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Sean Patrick O’Neill

IN MANY WAYS, the process of translation is one of the most fundamental concerns within the field of anthropology (Becker 1995; Rubel and Rosman 2003). Even at the outset, one must question the extent to which translation is possible when passing—as anthropologists so often do—between distant and often unrelated languages and cultures. What happens to words and other elements of discourse as they are lifted from one social context and placed in another language, far from the living subjects who once animated these utterances? When it comes to writing up these encounters, every anthropologist is faced with the daunting task of representing these remote worlds of experience in “plain English” or some kind of academic jargon as we attempt to recreate field interactions in new contexts, for audiences who may not share the same cultural background or even speak the same language as the original consultants. Thus, in a deep and abiding way, one wonders how much is lost in the process of translation once the anthropologist departs from the original language and the context of shared life experiences.

 

9 Ethnopoetics and Ideologies of Poetic Truth

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David W. Samuels

I HOLD TWO objectives for the present essay. First, I want to think about the fate of poetic forms in the context of cultural, historical, and spiritual upheaval. My discussion of this fate is based in materials from the Lutheran missionary enterprise on the San Carlos Apache Reservation in southeastern Arizona, especially the work of the Uplegger family, missionaries in San Carlos from Woodrow Wilson’s administration through Ronald Reagan’s.1 My second objective is to explore the ethical argument implied in the framework of Dell Hymes’s approach to ethnopoetics. The link between these two discussions, in my view, lies in the ways that notions of poetry and notions of truth are caught up in the ethics of both the missionary and the ethnopoetic enterprise. If I may put it briefly at the outset, on the one hand, Lutheran discourses on the truth-value of missionary statements about salvation never escape questions of the poetic and rhetorical forms in which those purported truths are cast. By the same token, Hymesian engagement with poetic form as a culturally coherent expressive presentation of the meaningful world implies a reality-producing force to the appropriately performed utterance.2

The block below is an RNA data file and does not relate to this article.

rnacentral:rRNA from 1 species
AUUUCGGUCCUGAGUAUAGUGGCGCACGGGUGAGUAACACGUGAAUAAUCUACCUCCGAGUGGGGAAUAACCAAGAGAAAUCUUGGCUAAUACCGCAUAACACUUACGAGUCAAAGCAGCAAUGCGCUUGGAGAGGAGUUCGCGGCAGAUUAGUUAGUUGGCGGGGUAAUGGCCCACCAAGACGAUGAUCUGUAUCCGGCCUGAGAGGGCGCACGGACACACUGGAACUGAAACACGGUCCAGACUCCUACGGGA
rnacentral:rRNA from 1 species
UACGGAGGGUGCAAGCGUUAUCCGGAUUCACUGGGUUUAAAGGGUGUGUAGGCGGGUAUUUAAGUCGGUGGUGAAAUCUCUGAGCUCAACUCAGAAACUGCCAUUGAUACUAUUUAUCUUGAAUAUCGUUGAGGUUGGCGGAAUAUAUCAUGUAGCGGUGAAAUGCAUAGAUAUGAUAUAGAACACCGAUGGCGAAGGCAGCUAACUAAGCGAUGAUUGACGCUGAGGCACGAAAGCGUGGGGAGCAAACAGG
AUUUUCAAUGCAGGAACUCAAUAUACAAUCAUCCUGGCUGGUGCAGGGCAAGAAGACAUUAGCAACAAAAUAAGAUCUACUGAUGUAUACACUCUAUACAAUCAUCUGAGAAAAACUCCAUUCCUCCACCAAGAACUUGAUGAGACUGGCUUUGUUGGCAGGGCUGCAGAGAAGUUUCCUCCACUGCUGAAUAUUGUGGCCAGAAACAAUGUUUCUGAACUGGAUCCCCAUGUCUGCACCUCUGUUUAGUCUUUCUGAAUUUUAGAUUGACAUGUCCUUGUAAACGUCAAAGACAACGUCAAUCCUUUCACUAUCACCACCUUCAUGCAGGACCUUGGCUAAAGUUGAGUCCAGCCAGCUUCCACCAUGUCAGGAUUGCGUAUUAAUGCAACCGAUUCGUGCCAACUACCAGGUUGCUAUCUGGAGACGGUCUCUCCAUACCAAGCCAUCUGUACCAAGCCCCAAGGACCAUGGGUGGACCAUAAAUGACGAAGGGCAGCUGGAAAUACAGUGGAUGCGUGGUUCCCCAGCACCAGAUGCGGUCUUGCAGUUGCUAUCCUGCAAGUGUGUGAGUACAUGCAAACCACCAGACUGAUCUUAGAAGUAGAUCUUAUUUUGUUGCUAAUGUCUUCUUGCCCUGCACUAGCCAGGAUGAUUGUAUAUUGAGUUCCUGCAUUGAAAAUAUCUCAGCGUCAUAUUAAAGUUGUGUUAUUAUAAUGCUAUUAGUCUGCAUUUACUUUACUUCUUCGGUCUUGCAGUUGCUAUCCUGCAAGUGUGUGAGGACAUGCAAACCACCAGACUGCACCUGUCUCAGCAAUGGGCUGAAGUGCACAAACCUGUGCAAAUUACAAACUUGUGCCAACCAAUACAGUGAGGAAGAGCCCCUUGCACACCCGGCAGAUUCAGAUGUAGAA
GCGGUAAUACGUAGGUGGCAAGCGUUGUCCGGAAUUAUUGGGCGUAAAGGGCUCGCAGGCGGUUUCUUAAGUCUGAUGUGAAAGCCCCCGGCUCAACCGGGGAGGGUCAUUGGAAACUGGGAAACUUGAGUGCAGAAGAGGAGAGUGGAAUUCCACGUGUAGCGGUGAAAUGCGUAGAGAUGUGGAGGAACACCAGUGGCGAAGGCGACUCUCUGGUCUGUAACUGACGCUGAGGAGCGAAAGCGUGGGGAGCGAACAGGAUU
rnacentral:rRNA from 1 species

10 Contested Mobilities: On the Politics and Ethnopoetics of Circulation

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Charles L. Briggs

LIKE FRANZ BOAS and Edward Sapir, Dell Hymes connected linguistic anthropology with social/cultural anthropology. The terms he coined and the perspectives he advanced drew on wider anthropological perspectives, thus bringing linguistic anthropologists into larger conversations and enabling work in linguistic anthropology to gain greater visibility among colleagues with different subdisciplinary allegiances. I would argue that this is precisely the move that has long fostered new spurts of creativity within the subdiscipline and greater visibility for linguistic anthropologists. Work on performance inaugurated in the 1970s by Hymes (1981) and Richard Bauman (1977) energized not only anthropology but also linguistics, communication, and literary studies; the cross-fertilization between linguistic anthropology and folkloristics at this juncture was crucial, as has been true at other points as well. Ideologies of language (Kroskrity 2000; Schieffelin et al. 1998) suddenly transported linguistic anthropology from the relative doldrums of the 1980s to a period when new positions opened up and anthropologists came to see that linguistic anthropologists had a great deal to offer to studies on such topics as colonialism (Hanks 2010; Irvine 2001; Keane 2007), media anthropology (Spitulnik 2002), and more. A crucial feature of these points of intersection is that they did not simply “borrow” from adjacent fields but critically revised concepts in social/cultural anthropology as well as assumptions underpinning linguistic anthropology.